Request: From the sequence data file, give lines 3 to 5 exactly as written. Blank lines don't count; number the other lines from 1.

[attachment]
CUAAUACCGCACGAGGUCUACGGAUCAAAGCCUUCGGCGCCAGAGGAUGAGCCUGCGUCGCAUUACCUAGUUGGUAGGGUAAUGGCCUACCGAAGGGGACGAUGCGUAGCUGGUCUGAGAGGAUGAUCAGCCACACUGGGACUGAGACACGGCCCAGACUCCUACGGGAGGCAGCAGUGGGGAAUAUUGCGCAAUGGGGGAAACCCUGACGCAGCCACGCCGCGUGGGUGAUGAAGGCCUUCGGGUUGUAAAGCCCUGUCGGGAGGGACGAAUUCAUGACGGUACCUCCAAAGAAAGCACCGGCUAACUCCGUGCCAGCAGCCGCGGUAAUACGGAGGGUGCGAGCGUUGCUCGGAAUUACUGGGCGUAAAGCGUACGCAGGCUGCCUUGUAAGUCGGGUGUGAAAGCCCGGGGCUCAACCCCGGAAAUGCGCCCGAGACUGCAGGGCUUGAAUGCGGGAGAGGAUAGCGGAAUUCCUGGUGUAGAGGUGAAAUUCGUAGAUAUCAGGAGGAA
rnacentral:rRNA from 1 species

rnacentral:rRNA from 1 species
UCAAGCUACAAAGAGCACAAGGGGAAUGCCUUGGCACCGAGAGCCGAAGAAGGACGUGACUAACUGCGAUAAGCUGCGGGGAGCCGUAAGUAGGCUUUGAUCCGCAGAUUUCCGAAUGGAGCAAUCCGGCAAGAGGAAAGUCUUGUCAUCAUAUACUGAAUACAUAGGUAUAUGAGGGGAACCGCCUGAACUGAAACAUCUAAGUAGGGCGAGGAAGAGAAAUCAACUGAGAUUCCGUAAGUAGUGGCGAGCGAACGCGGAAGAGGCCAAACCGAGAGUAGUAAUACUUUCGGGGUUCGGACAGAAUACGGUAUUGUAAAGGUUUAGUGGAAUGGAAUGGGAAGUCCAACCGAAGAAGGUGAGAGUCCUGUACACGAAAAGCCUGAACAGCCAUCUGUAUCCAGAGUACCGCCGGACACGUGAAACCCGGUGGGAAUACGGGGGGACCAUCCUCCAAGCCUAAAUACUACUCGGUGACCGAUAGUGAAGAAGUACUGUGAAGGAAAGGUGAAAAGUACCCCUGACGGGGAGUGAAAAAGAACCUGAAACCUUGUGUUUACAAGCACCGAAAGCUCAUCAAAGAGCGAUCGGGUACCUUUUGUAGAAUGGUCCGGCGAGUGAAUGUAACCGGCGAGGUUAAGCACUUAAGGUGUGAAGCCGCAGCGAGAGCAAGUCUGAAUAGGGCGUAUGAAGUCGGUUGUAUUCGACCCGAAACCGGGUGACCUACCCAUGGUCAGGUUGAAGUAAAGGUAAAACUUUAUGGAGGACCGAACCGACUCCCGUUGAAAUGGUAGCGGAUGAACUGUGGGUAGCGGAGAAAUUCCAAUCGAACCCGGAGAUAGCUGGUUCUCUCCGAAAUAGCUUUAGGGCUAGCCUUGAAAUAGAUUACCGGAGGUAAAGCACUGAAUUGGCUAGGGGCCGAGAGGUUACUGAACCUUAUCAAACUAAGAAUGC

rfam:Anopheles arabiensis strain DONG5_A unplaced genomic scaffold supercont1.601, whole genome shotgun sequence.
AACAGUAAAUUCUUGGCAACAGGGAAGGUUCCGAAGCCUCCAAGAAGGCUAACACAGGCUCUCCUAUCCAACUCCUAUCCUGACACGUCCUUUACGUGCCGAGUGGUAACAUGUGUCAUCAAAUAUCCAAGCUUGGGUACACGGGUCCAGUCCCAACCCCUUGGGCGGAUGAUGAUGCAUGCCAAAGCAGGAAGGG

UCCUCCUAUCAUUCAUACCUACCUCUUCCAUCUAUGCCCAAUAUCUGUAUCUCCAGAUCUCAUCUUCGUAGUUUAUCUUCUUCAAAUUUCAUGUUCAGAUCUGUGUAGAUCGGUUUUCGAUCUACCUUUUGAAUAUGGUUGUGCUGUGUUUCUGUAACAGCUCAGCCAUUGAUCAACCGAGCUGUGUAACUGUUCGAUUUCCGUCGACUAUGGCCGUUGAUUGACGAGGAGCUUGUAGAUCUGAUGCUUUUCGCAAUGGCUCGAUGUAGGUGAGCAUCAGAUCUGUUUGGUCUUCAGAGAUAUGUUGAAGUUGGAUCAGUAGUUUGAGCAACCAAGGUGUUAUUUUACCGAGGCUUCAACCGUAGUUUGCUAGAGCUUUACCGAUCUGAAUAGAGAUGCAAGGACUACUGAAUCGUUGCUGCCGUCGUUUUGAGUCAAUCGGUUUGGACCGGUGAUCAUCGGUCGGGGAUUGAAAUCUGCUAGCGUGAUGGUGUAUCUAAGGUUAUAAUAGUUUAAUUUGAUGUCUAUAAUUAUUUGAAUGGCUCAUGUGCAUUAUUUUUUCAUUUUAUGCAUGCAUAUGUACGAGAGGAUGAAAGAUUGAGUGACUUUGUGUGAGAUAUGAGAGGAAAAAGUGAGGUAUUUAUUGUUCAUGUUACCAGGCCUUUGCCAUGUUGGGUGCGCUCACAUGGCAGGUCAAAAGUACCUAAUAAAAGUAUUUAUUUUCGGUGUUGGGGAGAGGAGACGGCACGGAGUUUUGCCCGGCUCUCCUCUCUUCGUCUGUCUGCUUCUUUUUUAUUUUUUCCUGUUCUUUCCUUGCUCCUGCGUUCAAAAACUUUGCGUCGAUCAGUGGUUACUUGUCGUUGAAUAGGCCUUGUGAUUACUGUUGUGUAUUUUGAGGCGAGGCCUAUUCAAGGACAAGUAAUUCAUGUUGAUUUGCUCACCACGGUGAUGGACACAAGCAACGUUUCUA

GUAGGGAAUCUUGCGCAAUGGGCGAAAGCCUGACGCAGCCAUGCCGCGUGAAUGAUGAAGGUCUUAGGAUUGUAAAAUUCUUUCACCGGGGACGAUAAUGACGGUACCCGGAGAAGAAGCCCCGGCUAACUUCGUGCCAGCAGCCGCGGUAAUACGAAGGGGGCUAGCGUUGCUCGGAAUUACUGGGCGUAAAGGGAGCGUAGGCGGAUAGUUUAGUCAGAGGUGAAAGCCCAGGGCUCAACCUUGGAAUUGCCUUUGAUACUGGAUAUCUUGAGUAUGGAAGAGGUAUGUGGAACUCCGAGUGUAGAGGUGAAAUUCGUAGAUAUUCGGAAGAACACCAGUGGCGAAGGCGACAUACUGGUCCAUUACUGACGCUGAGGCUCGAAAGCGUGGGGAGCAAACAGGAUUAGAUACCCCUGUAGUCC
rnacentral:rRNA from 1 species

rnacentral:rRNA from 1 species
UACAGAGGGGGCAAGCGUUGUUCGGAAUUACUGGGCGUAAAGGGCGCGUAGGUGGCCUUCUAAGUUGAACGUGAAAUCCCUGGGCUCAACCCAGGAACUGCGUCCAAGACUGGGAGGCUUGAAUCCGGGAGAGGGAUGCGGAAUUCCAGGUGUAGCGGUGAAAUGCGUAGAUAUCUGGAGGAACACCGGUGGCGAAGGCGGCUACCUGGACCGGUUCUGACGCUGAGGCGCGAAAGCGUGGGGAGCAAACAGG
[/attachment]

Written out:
rnacentral:rRNA from 1 species
UCAAGCUACAAAGAGCACAAGGGGAAUGCCUUGGCACCGAGAGCCGAAGAAGGACGUGACUAACUGCGAUAAGCUGCGGGGAGCCGUAAGUAGGCUUUGAUCCGCAGAUUUCCGAAUGGAGCAAUCCGGCAAGAGGAAAGUCUUGUCAUCAUAUACUGAAUACAUAGGUAUAUGAGGGGAACCGCCUGAACUGAAACAUCUAAGUAGGGCGAGGAAGAGAAAUCAACUGAGAUUCCGUAAGUAGUGGCGAGCGAACGCGGAAGAGGCCAAACCGAGAGUAGUAAUACUUUCGGGGUUCGGACAGAAUACGGUAUUGUAAAGGUUUAGUGGAAUGGAAUGGGAAGUCCAACCGAAGAAGGUGAGAGUCCUGUACACGAAAAGCCUGAACAGCCAUCUGUAUCCAGAGUACCGCCGGACACGUGAAACCCGGUGGGAAUACGGGGGGACCAUCCUCCAAGCCUAAAUACUACUCGGUGACCGAUAGUGAAGAAGUACUGUGAAGGAAAGGUGAAAAGUACCCCUGACGGGGAGUGAAAAAGAACCUGAAACCUUGUGUUUACAAGCACCGAAAGCUCAUCAAAGAGCGAUCGGGUACCUUUUGUAGAAUGGUCCGGCGAGUGAAUGUAACCGGCGAGGUUAAGCACUUAAGGUGUGAAGCCGCAGCGAGAGCAAGUCUGAAUAGGGCGUAUGAAGUCGGUUGUAUUCGACCCGAAACCGGGUGACCUACCCAUGGUCAGGUUGAAGUAAAGGUAAAACUUUAUGGAGGACCGAACCGACUCCCGUUGAAAUGGUAGCGGAUGAACUGUGGGUAGCGGAGAAAUUCCAAUCGAACCCGGAGAUAGCUGGUUCUCUCCGAAAUAGCUUUAGGGCUAGCCUUGAAAUAGAUUACCGGAGGUAAAGCACUGAAUUGGCUAGGGGCCGAGAGGUUACUGAACCUUAUCAAACUAAGAAUGC

rfam:Anopheles arabiensis strain DONG5_A unplaced genomic scaffold supercont1.601, whole genome shotgun sequence.